There was a chinese laundry though and Jamaican barber shop.

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    Senior Member shytalk's Avatar
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    The chinese laundry was a few shops up from me. I used to go to Macs barber shop, he always had American car magazines.
    You can always count on Americans to do the right thing - after they've tried everything else.
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    Senior Member Davec's Avatar
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    Quote Originally Posted by shytalk View Post
    The Mr. Sud I was talking about was a huge guy, must have had a 60 inch waist. I don't know what nationality he was but he wore a turban, This fella would never fit in an ice cream van. He used to drink whiskey out of a pint glass in Hessians pub.
    He sold out before I did in 1964 and went to Canada.
    My Mr. Sud was also huge, at least sideways, could never make out his height with him being in a van. But he certainly filled the serving window. He looked to me to be in his 50's at the time I'm talking about, which would be the early 60's. He was obviously a Sikh and his turban as I recall was always plain white. I lived in Wynnstay St. - a couple of streets up from Princes Road.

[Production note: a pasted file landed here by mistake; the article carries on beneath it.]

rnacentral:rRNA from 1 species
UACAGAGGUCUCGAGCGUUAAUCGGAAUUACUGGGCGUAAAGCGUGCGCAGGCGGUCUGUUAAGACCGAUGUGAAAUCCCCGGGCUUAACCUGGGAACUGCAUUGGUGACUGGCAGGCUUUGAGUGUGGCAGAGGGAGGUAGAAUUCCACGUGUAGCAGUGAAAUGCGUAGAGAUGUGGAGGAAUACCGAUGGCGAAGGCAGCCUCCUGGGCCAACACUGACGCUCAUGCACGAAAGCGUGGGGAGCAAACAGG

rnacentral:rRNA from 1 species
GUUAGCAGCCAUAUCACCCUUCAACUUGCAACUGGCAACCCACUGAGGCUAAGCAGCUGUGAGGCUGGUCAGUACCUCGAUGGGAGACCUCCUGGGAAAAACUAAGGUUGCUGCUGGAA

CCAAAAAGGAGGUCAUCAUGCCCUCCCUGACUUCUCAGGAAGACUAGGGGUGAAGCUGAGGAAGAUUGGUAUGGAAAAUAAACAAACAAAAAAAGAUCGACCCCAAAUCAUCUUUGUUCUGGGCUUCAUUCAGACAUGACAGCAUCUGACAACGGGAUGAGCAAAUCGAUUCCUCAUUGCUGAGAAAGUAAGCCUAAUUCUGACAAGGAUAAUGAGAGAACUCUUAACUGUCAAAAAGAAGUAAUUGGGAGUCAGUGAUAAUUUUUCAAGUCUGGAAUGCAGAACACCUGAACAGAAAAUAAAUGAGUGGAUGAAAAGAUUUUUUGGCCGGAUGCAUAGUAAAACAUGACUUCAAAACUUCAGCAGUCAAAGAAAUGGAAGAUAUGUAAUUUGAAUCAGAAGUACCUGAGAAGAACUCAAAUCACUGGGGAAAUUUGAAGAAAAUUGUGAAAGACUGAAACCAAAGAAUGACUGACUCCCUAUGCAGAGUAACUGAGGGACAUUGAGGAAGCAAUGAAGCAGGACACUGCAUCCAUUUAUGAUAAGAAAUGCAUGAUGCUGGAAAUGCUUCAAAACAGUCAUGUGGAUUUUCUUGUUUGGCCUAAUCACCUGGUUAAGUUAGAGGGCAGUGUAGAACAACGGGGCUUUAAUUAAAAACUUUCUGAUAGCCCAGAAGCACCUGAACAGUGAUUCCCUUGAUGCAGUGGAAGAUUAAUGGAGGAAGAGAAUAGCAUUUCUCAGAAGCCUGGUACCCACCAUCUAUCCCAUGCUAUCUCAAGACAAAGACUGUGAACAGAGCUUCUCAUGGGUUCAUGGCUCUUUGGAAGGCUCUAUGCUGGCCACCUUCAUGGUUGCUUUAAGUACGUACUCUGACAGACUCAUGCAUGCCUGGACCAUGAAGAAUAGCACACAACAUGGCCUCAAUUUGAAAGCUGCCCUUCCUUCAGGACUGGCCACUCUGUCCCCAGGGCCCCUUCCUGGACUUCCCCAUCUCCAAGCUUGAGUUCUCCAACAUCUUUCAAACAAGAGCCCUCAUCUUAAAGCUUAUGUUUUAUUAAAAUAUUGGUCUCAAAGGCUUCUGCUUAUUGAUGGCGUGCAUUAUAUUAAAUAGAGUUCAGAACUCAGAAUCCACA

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    Senior Member shytalk's Avatar
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    It could have been the same person. I had been told he was going to Canada when he sold his shop, but that could have changed. I never saw him after that.
    You can always count on Americans to do the right thing - after they've tried everything else.
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    Senior Member Davec's Avatar
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    Thinking about it Shy I think I have completely got the wrong fella (). I'll have to wait to see my sister - who is younger, smarter and has a better memory than me - but I may be getting mixed up with someone else of a similar description. His name was Pal.